writing

Bad words: depicting female arousal in your fiction.

Recently, Kameron Hurley shared this piece by E.M. Kokie on the seeming dearth of language available to workaday prose writers to describe what arousal feels like in a cis female body. Said Kokie: When I found myself stuck and looking for the words, I started pulling books off my bookshelves and scanning for the romantic …

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Periods, and how to write them

No, not the punctuation mark. Yes, the other thing. Periods tend not to show up in fiction, probably for the same reasons that urine and shit don’t show up in fiction. They’re quotidian elements that don’t really add anything to narrative unless they’re indicating sickness or a dramatic turn — pregnancy, miscarriage, sudden reproductive potential, …

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About my next Tomorrow Project story, “Permacultures.”

This month, I finished work on a story called “Permacultures,” which I wrote for the Tomorrow Project. This one’s pretty special, because it was inspired by the White House Office of Science & Technology Policy Grand Challenges. Here’s an introduction I wrote (which may not make it into the final book): I focused on the …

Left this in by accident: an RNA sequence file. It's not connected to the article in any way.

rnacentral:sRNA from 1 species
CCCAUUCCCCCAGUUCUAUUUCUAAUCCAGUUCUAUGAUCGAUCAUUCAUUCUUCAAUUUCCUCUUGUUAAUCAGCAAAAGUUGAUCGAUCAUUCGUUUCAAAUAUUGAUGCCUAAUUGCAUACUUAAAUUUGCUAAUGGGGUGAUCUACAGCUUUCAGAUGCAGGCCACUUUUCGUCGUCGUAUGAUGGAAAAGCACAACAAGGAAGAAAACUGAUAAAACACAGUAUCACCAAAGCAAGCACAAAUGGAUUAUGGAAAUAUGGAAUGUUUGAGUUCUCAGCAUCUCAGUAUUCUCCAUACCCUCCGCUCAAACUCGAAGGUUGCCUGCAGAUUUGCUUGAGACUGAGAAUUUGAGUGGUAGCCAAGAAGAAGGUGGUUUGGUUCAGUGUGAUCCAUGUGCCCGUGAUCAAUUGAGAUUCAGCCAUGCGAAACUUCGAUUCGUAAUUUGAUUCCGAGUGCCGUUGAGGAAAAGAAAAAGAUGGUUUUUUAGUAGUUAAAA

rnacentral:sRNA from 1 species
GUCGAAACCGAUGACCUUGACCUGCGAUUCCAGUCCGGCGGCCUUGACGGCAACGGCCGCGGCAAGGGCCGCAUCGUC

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“vN” is on the Kitschies shortlist

No, really. The 2012 finalists for the Golden Tentacle: Madeline Ashby’s vN (Angry Robot) Jenni Fagan’s The Panopticon (William Heinemann) Rachel Hartman’s Seraphina (Doubleday) Karen Lord’s Redemption in Indigo (Jo Fletcher Books) Tom Pollock’s The City’s Son (Jo Fletcher Books) I really should have blogged this earlier, but, to my credit, I did share it …

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I wouldn’t be a writer without Ursula K. LeGuin.

A while back, my Twitter pal Damien G. Walter wrote a Guardian column on Ursula K. LeGuin’s upcoming short story collections. He takes a very specific perspective on LeGuin’s stories in context, situating LeGuin within the speculative literary canon as a disquieting moralist, a shit-disturber of the highest order who tricks the brain into thinking …

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